For the finish, the goal was to create a subtle variation to look like an aged patina. We wanted to give the piece some depth and interest – but avoid making it look too busy or fussy. To accomplish this look, I started by painting the piece in the base teal color using cabinet paint to insure durability. After 2 coats of the paint, I then buffed the finish with fine steel wool to make it was a little less shiny and to create more of a deep luster. With this done, I then applied a darker color of watered-down teal cabinet paint with a foam brush to allow the water to create variation without obvious brush strokes. When this was dry, I then re-applied a second coat - this time with more water - creating more subtlety and depth in the “patina”. In the end, we accomplished out goal – as the homeowner sees the vanity as the highlight of her new space!
When it comes to specialty paint finishes, starting with a fun idea can make all the difference! This was definitely the case with my recent project of painting an ombre finish in a large dome ceiling.
The dome is about 30 feet high and 25 feet wide, and features small “star” lights set up in constellations. The existing color was a light sky blue – but to up the drama and impact, my client wanted the dome painted with a fade of colors to look like a twilight sky (definitely more appropriate for the stars!).
The first step was to choose the colors. To make sure the room ended up with a cohesive look, we started by considering the colors of the furniture in the room and then compared these to different color families that would create the feel of an evening sky. To accomplish this goal, we focused on hues that had a little blue, a little purple and a little gray. We also wanted a good range to cover the deep night sky at the top – but varying all the way to a light-ish tone for the color that happens at the horizon just after the sun sets.
We ended up using Benjamin Moore colors “evening sky” (appropriately named!), “blue heron”, “Stratford blue” and “harlequin blue”. I also added a fifth color to the blend by doing a mix of the darkest two. To show what this would look like, I did a sample board to review with my client. They loved it – and I was off to the races!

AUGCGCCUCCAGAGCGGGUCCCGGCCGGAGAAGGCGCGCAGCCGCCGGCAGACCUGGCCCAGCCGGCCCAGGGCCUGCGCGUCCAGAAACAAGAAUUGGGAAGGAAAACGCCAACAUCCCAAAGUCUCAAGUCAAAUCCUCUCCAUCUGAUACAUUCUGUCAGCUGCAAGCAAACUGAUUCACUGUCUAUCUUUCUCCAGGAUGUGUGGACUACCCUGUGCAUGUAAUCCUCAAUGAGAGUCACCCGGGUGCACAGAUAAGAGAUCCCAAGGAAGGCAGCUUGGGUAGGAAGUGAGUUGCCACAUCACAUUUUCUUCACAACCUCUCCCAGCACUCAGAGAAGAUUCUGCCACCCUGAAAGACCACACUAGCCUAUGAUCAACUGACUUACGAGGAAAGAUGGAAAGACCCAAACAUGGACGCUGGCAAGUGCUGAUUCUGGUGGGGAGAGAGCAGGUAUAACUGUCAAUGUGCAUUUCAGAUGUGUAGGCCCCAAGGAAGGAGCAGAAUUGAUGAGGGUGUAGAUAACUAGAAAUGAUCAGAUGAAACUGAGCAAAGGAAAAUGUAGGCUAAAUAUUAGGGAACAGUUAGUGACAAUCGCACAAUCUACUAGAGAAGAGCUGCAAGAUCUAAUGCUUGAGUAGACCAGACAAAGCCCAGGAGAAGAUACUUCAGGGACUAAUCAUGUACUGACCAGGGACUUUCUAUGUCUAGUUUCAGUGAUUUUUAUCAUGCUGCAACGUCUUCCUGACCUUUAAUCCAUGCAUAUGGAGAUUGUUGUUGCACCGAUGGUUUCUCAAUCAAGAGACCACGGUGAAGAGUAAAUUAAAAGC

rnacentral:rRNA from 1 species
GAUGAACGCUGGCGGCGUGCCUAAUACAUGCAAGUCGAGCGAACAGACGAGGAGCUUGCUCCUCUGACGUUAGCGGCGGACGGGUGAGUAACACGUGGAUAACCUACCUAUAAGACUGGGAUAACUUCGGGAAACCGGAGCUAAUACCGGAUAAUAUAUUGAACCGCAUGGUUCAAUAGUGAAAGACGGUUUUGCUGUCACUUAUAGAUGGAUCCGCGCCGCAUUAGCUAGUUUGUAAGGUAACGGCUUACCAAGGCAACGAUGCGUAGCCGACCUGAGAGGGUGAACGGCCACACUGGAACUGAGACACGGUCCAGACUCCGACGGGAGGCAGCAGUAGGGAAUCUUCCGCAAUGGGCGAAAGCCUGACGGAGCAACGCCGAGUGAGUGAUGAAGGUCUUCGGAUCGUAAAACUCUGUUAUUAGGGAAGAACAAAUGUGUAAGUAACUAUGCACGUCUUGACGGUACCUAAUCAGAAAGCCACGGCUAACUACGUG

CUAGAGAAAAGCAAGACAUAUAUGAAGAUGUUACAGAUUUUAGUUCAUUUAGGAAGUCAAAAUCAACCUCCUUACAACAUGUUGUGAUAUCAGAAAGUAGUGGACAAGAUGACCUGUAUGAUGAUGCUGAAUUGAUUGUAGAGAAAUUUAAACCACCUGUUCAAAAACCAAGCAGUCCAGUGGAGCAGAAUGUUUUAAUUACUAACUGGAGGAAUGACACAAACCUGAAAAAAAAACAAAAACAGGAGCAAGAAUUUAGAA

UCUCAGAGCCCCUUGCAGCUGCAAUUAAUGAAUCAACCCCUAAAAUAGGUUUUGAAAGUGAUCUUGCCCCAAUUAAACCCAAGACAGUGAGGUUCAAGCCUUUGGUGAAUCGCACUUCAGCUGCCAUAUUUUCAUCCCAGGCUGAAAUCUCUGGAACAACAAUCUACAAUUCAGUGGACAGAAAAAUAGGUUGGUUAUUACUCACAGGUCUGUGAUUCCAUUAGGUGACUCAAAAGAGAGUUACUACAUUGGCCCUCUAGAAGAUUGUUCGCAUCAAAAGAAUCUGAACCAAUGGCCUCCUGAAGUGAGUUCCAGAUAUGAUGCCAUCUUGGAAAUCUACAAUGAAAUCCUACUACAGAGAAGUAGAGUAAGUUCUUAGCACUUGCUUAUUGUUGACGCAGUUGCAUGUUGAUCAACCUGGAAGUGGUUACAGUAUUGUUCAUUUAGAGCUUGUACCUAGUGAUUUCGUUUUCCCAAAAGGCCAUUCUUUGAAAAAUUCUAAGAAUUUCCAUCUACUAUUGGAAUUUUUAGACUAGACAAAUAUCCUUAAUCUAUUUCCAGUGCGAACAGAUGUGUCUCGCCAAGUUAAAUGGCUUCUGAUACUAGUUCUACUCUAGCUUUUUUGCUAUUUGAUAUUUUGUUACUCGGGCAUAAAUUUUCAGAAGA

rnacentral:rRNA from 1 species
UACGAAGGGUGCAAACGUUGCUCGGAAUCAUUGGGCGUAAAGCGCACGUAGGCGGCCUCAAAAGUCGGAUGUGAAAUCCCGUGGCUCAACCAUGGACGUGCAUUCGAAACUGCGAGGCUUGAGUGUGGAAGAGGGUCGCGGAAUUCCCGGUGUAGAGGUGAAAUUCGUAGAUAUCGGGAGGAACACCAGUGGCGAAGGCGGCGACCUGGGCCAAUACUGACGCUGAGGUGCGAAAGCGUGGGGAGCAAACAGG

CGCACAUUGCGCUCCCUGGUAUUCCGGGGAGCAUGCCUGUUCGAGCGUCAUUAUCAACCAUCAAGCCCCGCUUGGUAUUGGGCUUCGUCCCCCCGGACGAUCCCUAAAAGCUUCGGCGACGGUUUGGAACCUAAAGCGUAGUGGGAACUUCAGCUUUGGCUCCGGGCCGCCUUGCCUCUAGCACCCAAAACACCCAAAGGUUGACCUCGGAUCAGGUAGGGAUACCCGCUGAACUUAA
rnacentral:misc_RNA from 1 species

Of course, before I could go too far, I had to consider how to paint a 360-degree fade while 30 feet in the air. After renting some scaffolding – I was then truly off to the races!! I started at the top, painting 2 coats per color to get good coverage. Once the coats were dry, I then went back in with a third pass re-painting a strip of about 2 feet for both colors where they met. Moving quickly, I then worked the two wet colors together to create the fade. Our goal was to get a transition that was not too harsh from one color to the other – but also to keep some of the variation to keep it looking hand-crafted.
The end result hit the nail on the head and the feeling in the room is truly special!
Below is the before and after --
I absolutely love doing mural work, and my full-room mural at St. Andrew’s church in Wellesley was no exception!
The room I was asked to help transform is a classroom for 5th graders, and the process began in this room collaborating with the St. Andrew’s team spearheading the project. As we looked at the off-white walls, it was exciting to imagine where we could take it!
The high-level vision was to create the feel of a middle-eastern desert. The idea was to depict a scene that could come from the bible, but was not necessarily a strict illustration of any one story. We wanted to leave the experience open to the creativity and interpretation of the children and teachers in the room. Rounding out this experience, the St. Andrew’s team plans to add touches like lighting, a rug and pillows that would look at home in the scene!
As we discussed more specific ideas for the space, we bounced around possible elements like camels, covered litters, buildings, a caravan, and a nativity star. The goal was to create a bright, inviting space that would help create a fun and engaging education experience.
The more we talked through the goals, the more we were able to narrow down our collective vision. One outcome was the decision to keep the feeling of the mural on the “quiet” side – giving just enough imagery to capture kids’ imagination without too much clutter. Another discussion we had was to make the image inclusive and leave the story open to interpretation. Along these lines, we wanted any representation of people to be something that would be relatable to boys and girls of any race.